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When individually assessed in the study conducted by Schneider et al.,[14] glenoid-related measurements such as glenoid width and glenoid BL demonstrated a low correlation of variability (CoV) (CoV <0.4), but the measurement of the HS interval showed a high CoV (CoV = 19.2) representing a high level of variability. This accounted for the poor inter-observer correlation in the assessment of “on-track” versus “off-track” lesions [Table 11]. In our study, there was a positive strong interobserver correlation for glenoid width and glenoid BL values; which is congruent with that of Schneider et al.[14] (even if the inter-observer correlation tool used was different) as well as the rest of the glenoid values such as GBL% and GT. Whereas positive moderate inter-observer correlation was observed in HSI and H-S angle, this is likely due to the nonuniformity in experience between the two observers (one 8 years and the other 3 years).
Table 11: Represents the Inter-observer correlation seen in our study in comparison to Schneider et al.[14]

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Limitations of our study are limited sample size and nonuniformity in the experience of the observers who measured the radiological parameters. Further studies with high sample sizes and uniform experience of the radiologists would be needed to confirm the results of the present study.


  Conclusions Top


3D-CT proves an essential tool in the preoperative evaluation of the shoulder in patients with recurrent anterior shoulder dislocation. Based on the glenoid BL and characterization of the bipolar lesions through the glenoid track concept, 3D-CT plays a vital role in decision-making of recurrent shoulder dislocation management. There is a significant positive inter-observer correlation in the study; however, a stronger positive correlation can be achieved by uniformity in the observer's experience. HS angle assessment for off-track and on-track lesions did not represent as a good predictor for glenoid track status, however, further research with more sample size is suggested as there was a tendency of off-track lesions to have a smaller angle.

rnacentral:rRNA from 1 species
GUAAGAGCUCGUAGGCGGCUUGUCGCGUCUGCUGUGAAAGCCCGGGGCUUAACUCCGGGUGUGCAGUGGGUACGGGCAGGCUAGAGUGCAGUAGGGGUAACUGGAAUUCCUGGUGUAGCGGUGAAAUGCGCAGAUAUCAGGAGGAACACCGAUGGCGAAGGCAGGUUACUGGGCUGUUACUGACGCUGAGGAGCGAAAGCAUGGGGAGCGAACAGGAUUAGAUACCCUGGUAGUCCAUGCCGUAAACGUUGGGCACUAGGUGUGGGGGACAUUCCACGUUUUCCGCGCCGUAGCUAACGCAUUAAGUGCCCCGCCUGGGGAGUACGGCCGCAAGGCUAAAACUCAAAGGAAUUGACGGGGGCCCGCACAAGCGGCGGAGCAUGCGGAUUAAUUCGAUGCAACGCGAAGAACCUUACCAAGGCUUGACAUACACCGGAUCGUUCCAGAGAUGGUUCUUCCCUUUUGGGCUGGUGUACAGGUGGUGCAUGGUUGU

Financial support and sponsorship

Nil.

Conflicts of interest

There are no conflicts of interest.



 
  References Top

1.
Yamamoto N, Itoi E, Abe H, Minagawa H, Seki N, Shimada Y, et al. Contact between the glenoid and the humeral head in abduction, external rotation, and horizontal extension: A new concept of glenoid track. J Shoulder Elbow Surg 2007;16:649-56.  Back to cited text no. 1
    
2.
Griffith JF, Antonio GE, Yung PS, Wong EM, Yu AB, Ahuja AT, et al. Prevalence, pattern, and spectrum of glenoid bone loss in anterior shoulder dislocation: CT analysis of 218 patients. AJR Am J Roentgenol 2008;190:1247-54.  Back to cited text no. 2
    
3.
Di Giacomo G, Golijanin P, Sanchez G, Provencher MT. Radiographic analysis of the hill-sachs lesion in anteroinferior shoulder instability after first-time dislocations. Arthroscopy 2016;32:1509-14.  Back to cited text no. 3